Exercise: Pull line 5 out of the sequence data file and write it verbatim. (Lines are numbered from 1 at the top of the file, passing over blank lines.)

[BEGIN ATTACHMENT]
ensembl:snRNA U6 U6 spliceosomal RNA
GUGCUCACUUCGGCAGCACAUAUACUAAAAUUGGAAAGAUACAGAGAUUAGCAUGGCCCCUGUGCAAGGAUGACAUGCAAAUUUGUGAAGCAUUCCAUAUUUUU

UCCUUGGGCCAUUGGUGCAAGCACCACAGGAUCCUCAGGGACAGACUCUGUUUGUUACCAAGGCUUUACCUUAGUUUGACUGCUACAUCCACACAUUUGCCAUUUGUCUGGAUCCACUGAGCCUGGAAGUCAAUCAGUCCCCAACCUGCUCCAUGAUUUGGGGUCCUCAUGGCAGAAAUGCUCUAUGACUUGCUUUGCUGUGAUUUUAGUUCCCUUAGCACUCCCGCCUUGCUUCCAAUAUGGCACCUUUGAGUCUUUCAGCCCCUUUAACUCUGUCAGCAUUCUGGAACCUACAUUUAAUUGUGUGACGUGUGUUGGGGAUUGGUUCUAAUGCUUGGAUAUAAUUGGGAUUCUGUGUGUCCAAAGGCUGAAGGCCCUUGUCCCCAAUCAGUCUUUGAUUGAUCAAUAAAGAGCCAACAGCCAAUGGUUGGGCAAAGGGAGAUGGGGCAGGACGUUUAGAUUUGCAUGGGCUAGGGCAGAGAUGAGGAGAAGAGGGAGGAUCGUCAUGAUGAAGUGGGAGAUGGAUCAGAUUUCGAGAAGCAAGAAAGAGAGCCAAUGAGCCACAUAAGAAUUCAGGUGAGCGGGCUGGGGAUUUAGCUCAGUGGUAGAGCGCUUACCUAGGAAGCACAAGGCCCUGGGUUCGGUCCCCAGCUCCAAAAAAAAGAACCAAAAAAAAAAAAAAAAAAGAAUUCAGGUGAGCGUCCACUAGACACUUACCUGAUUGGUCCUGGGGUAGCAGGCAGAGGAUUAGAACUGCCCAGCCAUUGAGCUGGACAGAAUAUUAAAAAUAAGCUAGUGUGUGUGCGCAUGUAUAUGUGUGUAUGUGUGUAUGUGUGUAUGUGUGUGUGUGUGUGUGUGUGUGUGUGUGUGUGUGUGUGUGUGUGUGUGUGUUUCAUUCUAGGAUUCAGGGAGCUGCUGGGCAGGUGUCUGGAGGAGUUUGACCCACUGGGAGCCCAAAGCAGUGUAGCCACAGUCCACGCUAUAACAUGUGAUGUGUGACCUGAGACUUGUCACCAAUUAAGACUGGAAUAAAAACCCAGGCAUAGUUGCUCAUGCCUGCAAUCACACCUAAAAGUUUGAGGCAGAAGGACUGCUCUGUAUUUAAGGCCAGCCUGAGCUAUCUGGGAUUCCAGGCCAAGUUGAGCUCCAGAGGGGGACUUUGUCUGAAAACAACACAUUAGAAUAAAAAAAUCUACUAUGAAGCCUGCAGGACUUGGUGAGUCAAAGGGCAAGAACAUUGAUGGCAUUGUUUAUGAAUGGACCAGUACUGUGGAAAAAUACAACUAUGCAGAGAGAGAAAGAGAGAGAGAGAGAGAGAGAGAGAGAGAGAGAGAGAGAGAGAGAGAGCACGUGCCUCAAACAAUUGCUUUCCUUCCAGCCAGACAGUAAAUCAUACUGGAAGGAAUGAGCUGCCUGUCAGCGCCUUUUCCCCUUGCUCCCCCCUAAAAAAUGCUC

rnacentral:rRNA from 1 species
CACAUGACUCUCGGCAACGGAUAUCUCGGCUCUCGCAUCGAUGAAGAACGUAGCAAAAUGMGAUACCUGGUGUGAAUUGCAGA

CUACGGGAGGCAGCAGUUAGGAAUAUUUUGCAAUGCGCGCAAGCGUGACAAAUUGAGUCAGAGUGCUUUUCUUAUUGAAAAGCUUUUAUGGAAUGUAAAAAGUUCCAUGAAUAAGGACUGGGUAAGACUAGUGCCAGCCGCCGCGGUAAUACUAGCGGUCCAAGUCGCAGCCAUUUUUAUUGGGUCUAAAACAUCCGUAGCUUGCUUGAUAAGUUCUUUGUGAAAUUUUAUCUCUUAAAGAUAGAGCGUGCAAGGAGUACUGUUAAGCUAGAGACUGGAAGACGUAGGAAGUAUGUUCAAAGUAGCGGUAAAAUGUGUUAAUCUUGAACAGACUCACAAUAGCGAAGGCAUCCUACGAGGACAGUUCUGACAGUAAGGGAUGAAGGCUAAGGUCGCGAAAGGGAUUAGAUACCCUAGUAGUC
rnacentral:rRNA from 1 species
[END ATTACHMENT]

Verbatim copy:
CACAUGACUCUCGGCAACGGAUAUCUCGGCUCUCGCAUCGAUGAAGAACGUAGCAAAAUGMGAUACCUGGUGUGAAUUGCAGA